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SALT LAKE CITY — Utahns flocking to Idaho or Wyoming might have a better chance to win the $1.5 billion Powerball jackpot than the Beehive State has for running its own lottery.
Even before Utah became a state 120 years ago this month, early leaders of The Church of Jesus Christ of Latter-day Saints made it clear gambling wasn't welcome.
Nothing has changed.
Utah is one of two states that prohibits all forms of gambling, and it is among six states that don't have a government-sanctioned lottery. And other than a few online petitions and calls for Utah to "grow up," there have been no serious efforts over the years to change the Utah Constitution to make way for Powerball or Mega Millions.
"I would suggest that any wise legislator or any wise governor would shoot it down immediately," said Joseph Rust, a longtime Salt Lake attorney who studies gambling issues.
Legalizing any kind of gambling in the state would pave the way for Native American tribes in Utah to open casinos, Rust said.
Federal law in 1988 recognized the right of Indian tribes to build casinos or other gambling establishments on their reservations, as long as the state where they are located has some form of legalized gambling.
"You would have slot machines in Fort Duchesne and down in the Four Corners area overnight," he said. "That would introduce this whole thing of widespread gambling into Utah."
A proposed amendment to the Utah Constitution takes a two-thirds majority vote from both the House and Senate to get on the general election ballot.
Sen. Lyle Hillyard, R-Logan, said the odds are slim to none that lawmakers would do that for a lottery, though if they did place it before voters, "it may very well pass."
The veteran Senate budget chairman, though, would oppose a lottery measure at either stage.
"Does it really generate all this free money or does it bring all these social problems with it?" he said.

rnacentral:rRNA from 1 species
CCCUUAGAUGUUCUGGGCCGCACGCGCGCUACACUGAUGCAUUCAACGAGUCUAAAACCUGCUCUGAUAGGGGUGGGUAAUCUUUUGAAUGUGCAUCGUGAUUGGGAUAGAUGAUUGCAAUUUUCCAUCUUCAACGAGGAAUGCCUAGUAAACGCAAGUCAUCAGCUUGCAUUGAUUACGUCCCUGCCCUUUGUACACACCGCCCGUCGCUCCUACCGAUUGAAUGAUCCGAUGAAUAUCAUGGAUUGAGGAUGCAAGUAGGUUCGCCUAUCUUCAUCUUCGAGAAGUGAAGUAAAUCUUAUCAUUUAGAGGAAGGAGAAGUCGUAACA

Rust sees state-run lotteries as a "deceitful policy" that hurts poor people and fails economically. The state, he said, is better to raise taxes for education or roads so everyone pays a fair share and it doesn't burden the needy.
"It's not as popular, but it's a safer way," he said.
Rust said he'd like to show multimillion dollar lottery winners a picture of all the "poor people" standing in line for tickets to let them see who the money comes from.
"That image nobody talks about," he said.
Does it really generate all this free money or does it bring all these social problems with it?
–Sen. Lyle Hillyard
Les Bernal, executive director of Stop Predatory Gambling, said there are several reasons why Utah is better off without a lottery. The nonprofit group, based in Washington, D.C., opposes state lotteries and casinos.
The state's economy is stronger and there are more jobs because people aren't spending their discretionary income on something that has no economic impact, he said.
State government finances are healthier without a lottery, Bernal said, adding that state-sponsored gambling worsens budget deficits over the long term. Also, he said residents end up paying higher taxes for fewer services.
"It's the biggest budget gimmick there is," he said.
You have less barriers for a middle class life in Utah today because you don't have a lottery.
–Les Bernal, Stop Predatory Gambling
The state, Bernal said, also has less financial inequality than states with lotteries.
"Utah, to its credit, is not actively cheating and exploiting its own citizens. There's no debate that much of the revenue collected from lotteries falls on those who are the most financially desperate in society. You have less barriers for a middle class life in Utah today because you don't have a lottery," he said.
Culture of greed
Bernal said it's also more than just a coincidence that Utahns lead the nation in charitable giving. Gambling, he said, creates a culture of greed and selfishness and undermines the ethic of caring about other people.